Government of Canada

Foreign Affairs, Trade and Development Canada

www.international.gc.ca

Southeast Asia Regional Program

Table of Contents

© Mélanie Lambert

Overview

Home to more than 575 million people, Southeast Asia, encompassing 11 countries—is one of the most diverse and dynamic regions of the world. Despite strong economic growth, disparities in wealth continue to persist throughout the region. The Association of Southeast Asian Nations (ASEAN) is committed to increasing regional economic integration and narrowing the gap between development levels among member countries.

Southeast Asia is the most disaster-prone region on the planet, with climate change and environmental degradation contributing to the rising number. Given the size and often devastating effects of those disasters, ASEAN has identified disaster risk reduction as a priority for increasing economic growth in the region. Beyond their human toll, natural disasters seriously damage assets and livelihoods—especially those of the poor—destroy infrastructure, reduce food security, hinder social and economic progress, and reverse gains made in reducing poverty. They often strike more than one country at a time.

The human rights of vulnerable populations, particularly those of women, children, migrants and ethnic minorities, continue to be at risk across Southeast Asia. Countries of the region have agreed to joint action to promote and protect fundamental freedoms through ASEAN. In 2009, Canada joined 12 other countries in appointing an ambassador to ASEAN, reflecting the region's importance to Canada. Today, there are more than 55 ambassadors accredited to ASEAN.

Thematic Focus

The goal of Canada's international development assistance Southeast Asia Regional Program is to reduce poverty in the region by supporting the ASEAN agenda on economic growth and improving human rights. This program aims to strengthen regional institutions, networks and organizations working on these trans-boundary issues. It is aligned with ASEAN and national government development priorities.

Canada focuses on stimulating sustainable economic growth and strengthening democratic governance. All international development projects funded by Canada as part of this program involve at least three Southeast Asian developing countries as active participants.

Economic growth

Canada is focusing on stimulating sustainable economic growth by reducing the risks of natural disasters. This includes:

  • Supporting innovative approaches by or through ASEAN to improve the region's ability to mitigate and respond to the trans-boundary elements of natural disasters and hazards
  • Helping ASEAN launch a regional legal framework for multilateral cooperation and collaboration in disaster risk reduction
Selected examples of expected results
  • Strengthened cooperation among regional institutions; civil society organizations, including regional networks; and national governments on the transboundary issues of disaster risk reduction (e.g. tsunamis, typhoons).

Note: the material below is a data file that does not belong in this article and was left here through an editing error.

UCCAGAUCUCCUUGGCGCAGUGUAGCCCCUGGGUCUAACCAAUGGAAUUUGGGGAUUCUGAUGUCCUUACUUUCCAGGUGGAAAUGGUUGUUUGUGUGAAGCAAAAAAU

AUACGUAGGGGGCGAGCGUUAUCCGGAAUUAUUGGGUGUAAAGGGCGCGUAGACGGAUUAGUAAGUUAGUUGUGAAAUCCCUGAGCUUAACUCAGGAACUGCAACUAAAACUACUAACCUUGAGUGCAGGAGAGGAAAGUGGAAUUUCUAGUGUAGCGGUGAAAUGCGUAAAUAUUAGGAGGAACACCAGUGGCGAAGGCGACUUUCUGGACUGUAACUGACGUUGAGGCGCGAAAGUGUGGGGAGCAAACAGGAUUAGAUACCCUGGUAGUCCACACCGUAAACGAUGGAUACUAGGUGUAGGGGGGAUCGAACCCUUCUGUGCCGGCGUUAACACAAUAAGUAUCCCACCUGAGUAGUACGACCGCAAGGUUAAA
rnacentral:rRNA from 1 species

Governance

Democratic governance is one of the Government of Canada's priorities for international development. Strengthening human rights is an important element of democratic governance.

Canada is focusing on strengthening human rights by:

  • Helping ASEAN strengthen its recently established human rights mechanism
Selected examples of expected results
  • Seven countries will strengthen their legal and policy frameworks to protect and promote the human rights of the most vulnerable groups at the national and regional levels

Progress on Aid Effectiveness

Canada is helping regional organizations strengthen their capacity to implement aid effectiveness principles and is trying to align its work with that of other donors in the region. Canada's international development projects in Southeast Asia promote local ownership.

Achievements 2010-2012

  • Contributed to the Second International Conference on Human Rights and Peace and Conflict in Southeast Asia in Jakarta, Indonesia, in October 2012, which raised knowledge and skills among Southeast Asian scholars and members of civil-society organizations on human rights and peace studies.
  • Raised awareness and helped build capacity among seven Southeast Asian governments to fulfil their commitments under the Convention on the Elimination of All Forms of Discrimination Against Women (CEDAW)
  • Helped civil society organizations acquire knowledge to hold governments accountable to the Convention, for example through the publication Time for Action: Implementing CEDAW in Southeast Asia (PDF, 2.7 MB, 41 pages)
  • Contributed to the development of a regionally-based group of more than 100 experts in environmental economics, focused on ways to reduce the impact of natural disasters, sustainably manage natural resources and address climate change, as well as helped deliver courses addressing these areas to policy makers, journalists and jurists
  • Supported human rights organizations' efforts to exchange information and pool their resources to increase the protection of international human rights standards, which contributed to the creation of the ASEAN Intergovernmental Commission on Human Rights, the ASEAN Commission on Women and Children.

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